Thursday, 23 May 2013

Marriage and Humanism

I've been getting confused messages about Humanist attitudes to Marriage recently, so thought I would put together some links to different views here.

On 13 May I received a message from BHA signed by Jim Al-Khalili: "On Monday and Tuesday next week, MPs will be debating the Marriage Bill currently before Parliament. Its main purpose is to extend marriage to same-sex couples but also being debated will be an amendment to give legal recognition to humanist marriages in England and Wales. This asked one to contact your local MP and urge them to vote for the amendment.
I did this, since it seemed a good thing. Humanist Marriages have been possible in Scotland since 2005. However I later learnt that this Humanist amendment was part of a series of amendments designed to derail the Gay Marriage bill, or delay its implementation. This strikes me as political naivety on the part of the BHA. (Jim Al-Khalili has also shown naivety on Twitter by reacting to an Onion magazine sketch, apparently not realising it was satire.)
Margaret Nelson of Suffolk Humanists has expressed a dissenting view about Humanist marriage here:
I find her arguments quite convincing. Her solution is: "Remove the right of anyone other than a registrar to conduct a marriage ceremony in the UK, but make same-sex marriage equal to opposite sex marriage. If you want any other form of marriage - religious, humanist, Jedi Knight - you can have a ceremony however and wherever you want, but it would have no legal validity. This would be like the systems that they have in Austria, Germany and Switzerland, where only civil wedding ceremonies are recognised. But that would be too simple and sensible, wouldn't it?"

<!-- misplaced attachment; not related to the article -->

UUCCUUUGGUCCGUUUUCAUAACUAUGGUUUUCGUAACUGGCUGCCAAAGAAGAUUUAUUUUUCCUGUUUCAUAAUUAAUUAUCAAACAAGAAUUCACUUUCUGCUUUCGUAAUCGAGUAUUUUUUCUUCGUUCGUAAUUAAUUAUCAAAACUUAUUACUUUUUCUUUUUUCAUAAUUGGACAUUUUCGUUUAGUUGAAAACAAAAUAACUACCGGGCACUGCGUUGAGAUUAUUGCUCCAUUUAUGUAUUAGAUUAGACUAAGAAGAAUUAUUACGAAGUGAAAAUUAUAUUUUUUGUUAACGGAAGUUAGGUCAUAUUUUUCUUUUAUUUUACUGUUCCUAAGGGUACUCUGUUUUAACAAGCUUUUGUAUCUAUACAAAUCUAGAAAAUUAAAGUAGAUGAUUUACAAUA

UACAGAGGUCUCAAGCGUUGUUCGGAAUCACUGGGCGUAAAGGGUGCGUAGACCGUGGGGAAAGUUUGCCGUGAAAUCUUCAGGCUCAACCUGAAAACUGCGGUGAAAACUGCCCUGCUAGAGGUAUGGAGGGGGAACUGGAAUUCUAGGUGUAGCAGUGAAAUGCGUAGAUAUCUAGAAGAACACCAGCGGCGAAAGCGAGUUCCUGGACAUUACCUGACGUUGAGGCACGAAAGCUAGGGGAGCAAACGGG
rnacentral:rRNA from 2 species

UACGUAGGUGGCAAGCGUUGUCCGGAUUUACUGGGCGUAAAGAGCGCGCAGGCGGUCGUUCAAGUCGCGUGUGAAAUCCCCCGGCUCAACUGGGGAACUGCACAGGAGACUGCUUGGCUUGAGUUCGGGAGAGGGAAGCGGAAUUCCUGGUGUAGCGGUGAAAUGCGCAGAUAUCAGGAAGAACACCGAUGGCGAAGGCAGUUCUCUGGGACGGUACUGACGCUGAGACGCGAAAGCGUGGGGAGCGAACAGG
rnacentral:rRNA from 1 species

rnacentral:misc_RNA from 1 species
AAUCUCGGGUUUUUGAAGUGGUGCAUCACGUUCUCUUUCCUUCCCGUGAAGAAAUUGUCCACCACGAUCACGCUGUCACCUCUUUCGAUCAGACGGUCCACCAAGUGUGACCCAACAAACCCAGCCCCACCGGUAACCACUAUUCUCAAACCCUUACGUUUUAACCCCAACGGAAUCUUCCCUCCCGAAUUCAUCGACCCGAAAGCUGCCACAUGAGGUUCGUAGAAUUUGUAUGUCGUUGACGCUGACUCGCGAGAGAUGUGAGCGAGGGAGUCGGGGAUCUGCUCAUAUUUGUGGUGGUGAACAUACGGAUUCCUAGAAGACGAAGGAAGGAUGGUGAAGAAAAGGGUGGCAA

Also having seen the formulation of the amendment it now seems to have been worded so as to give privileges to Humanists similar to those for the churches, to the exclusion of other groups. This is criticised here:
(Proposed Humanist Marriage Law Discriminatory). They observe: "So the proposal does not abolish religious privilege; it merely enshrines in law humanist privilege as well; it is discriminatory in favour of humanist and religious organisations against others."
I also got a lengthy reply from Amber Rudd the local MP. She made the point that "A fundamental change to marriage law of this nature would undermine the religious protections within the Marriage (Same Sex Couples) Bill, and would risk delaying implementation of same sex marriage ..." She also made a point similar to that expressed on the Atheist UK site.
 I feel that I have been let down and misled by the messages from the BHA on this.

1 comment:

  1. Graham Martin-Royle23 May 2013 at 16:37

    Margaret Nelson has the answer to this question. Make all marriage ceremonies civil before a registered person, a civil registrar. Any religious, humanist, whatever ceremony that the couple want can then be held but these ceremonies would have no legal validity.